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Being a landlord with a tenant who won't pay rent, damages your property, or commits illegal acts on your property is a miserable situation, for you and for your other tenants. If it becomes necessary, you may legally evict your tenant. However, there are specific legal restrictions you must follow, or you could end up sued by your tenant in return. The laws for landlords who wish to evict a tenant vary from state to state, so be sure to check your local laws with an expert before proceeding. Here though, are a few guidelines and basic terms to get you familiar with the process of how to evict a tenant.
Before an eviction suit begins, a landlord must terminate the tenancy. Rules for termination vary from state to state, but in general there are notices for cause and notices without cause. Both must be served on the tenant. Notice of termination for cause are based on common sense reasons for eviction such as failure to pay rent, damage to property and illegal activity. Notices can give the tenant a chance to cure (solve the problem) or just notice to quit (leave). Notices to terminate without cause are most often used to terminate a month to month rental agreement.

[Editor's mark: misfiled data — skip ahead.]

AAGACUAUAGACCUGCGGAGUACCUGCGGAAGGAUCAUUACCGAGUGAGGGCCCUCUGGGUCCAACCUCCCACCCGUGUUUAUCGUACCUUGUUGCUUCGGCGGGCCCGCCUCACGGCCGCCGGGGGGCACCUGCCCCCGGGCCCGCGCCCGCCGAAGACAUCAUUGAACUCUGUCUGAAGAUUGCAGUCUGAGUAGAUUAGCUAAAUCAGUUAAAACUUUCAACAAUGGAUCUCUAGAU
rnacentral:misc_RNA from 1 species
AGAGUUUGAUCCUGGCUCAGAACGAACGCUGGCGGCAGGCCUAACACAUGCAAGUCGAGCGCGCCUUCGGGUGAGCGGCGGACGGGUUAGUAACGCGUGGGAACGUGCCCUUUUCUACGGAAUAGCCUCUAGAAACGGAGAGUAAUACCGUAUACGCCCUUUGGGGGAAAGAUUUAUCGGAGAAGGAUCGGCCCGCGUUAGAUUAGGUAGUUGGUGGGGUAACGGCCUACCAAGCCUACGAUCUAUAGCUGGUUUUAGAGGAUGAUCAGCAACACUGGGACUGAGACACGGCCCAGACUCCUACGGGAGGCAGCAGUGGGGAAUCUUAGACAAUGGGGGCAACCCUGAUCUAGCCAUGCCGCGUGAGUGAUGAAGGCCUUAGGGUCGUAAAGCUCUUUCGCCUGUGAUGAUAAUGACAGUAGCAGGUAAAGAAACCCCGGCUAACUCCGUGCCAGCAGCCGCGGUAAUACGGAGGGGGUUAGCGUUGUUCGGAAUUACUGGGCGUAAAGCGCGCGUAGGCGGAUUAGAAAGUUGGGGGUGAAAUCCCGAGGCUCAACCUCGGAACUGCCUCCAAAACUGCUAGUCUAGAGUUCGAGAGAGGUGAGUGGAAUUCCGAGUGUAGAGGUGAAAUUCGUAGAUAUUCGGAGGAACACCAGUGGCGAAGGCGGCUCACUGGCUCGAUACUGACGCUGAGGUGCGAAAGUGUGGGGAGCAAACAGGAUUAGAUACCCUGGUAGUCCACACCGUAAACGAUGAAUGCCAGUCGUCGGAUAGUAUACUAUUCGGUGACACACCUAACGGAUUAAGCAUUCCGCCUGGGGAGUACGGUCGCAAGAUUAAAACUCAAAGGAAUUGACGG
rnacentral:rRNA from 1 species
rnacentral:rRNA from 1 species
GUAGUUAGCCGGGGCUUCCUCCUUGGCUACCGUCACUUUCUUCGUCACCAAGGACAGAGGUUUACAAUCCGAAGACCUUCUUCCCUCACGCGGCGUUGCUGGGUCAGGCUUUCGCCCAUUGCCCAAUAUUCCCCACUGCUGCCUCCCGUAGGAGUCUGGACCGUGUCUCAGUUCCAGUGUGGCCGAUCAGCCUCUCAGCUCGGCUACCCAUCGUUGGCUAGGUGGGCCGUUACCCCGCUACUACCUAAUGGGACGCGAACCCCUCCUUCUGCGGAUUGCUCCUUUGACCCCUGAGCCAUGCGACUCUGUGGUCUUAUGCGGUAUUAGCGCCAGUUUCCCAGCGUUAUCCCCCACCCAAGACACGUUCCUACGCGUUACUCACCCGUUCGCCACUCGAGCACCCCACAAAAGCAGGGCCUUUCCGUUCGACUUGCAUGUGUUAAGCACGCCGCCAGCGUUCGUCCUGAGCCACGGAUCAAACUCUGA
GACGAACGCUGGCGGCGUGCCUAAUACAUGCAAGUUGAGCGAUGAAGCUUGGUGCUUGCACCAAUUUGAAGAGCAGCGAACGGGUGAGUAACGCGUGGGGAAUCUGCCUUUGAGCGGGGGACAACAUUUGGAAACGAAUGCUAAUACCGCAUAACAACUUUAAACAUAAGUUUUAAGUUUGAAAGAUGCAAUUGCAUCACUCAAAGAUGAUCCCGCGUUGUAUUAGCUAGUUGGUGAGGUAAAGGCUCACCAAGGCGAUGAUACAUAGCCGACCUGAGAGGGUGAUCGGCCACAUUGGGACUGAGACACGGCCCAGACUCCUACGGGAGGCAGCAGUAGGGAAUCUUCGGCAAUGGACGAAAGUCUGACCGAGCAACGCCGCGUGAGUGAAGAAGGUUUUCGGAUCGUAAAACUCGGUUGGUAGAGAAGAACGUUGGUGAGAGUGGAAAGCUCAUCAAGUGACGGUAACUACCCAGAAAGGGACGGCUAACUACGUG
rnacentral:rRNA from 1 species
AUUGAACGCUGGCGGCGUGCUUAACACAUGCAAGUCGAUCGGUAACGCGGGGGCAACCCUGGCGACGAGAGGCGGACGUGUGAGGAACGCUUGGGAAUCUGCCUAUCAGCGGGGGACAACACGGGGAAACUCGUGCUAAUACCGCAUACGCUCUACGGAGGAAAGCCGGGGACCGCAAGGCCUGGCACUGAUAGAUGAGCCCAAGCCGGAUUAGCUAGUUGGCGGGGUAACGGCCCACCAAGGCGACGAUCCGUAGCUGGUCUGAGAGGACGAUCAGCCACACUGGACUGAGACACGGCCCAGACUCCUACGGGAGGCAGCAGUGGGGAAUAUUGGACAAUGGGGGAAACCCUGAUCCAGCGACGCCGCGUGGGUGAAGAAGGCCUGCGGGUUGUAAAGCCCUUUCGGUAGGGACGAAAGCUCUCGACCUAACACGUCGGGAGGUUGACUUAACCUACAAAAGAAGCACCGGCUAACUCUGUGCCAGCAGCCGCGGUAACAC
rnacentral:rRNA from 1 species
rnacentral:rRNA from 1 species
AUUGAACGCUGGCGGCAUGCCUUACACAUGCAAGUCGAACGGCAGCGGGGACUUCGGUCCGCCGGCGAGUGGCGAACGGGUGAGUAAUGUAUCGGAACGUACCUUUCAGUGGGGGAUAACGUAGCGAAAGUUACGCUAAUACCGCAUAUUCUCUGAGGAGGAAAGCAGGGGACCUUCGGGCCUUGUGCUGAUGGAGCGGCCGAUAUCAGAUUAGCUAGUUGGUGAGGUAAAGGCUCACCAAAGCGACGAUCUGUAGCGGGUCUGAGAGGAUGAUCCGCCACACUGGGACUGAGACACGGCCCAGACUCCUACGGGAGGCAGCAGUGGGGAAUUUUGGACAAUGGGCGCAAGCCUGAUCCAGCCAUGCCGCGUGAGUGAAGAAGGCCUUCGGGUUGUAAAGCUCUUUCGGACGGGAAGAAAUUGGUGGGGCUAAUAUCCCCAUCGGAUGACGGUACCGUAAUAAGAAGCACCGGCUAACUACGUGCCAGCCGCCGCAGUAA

If you have successfully completed the termination of the tenancy and the tenant still has not quit the property, or cured the problem, landlords can then file the eviction suit, called an Unlawful Detainer (UD) suit. Even if you win the suit, you may not just toss the tenant and/or the tenant's belongings onto the sidewalk. It is best to give the court judgment to a local law enforcement officer (sheriff or marshal), along with a fee that is charged to the tenant as part of your costs to bring suit. The sheriff or marshal gives the tenant a notice that the officer will be back within a number of days to physically remove the tenant if necessary. Note, be careful about removing property the tenant appears to have left behind. Even if it looks like the tenant is gone for good, some states require storage and notice procedures by a landlord.
A tenant may contest the eviction process. If the tenant did not receive proper service (notice of) the termination or if the property is uninhabitable, these may be used as defenses to a notice of termination. Your past treatment of the tenant may become a factor in the outcome. If the tenant can show the eviction is in retaliation for legal complaints about the property (i.e., no heat), or is based on discrimination, you could lose your case.
Landlord tenant rules can be complex and are designed to be detailed because an eviction affects a person's home. Tenancy laws vary not only from state to state, but often from city to city. Even if you are confident that you know how to evict someone, be sure to check with an attorney experienced in this area before initiating eviction proceedings.
Meeting with a lawyer can help you understand your options and how to best protect your rights. Visit our attorney directory to find a lawyer near you who can help.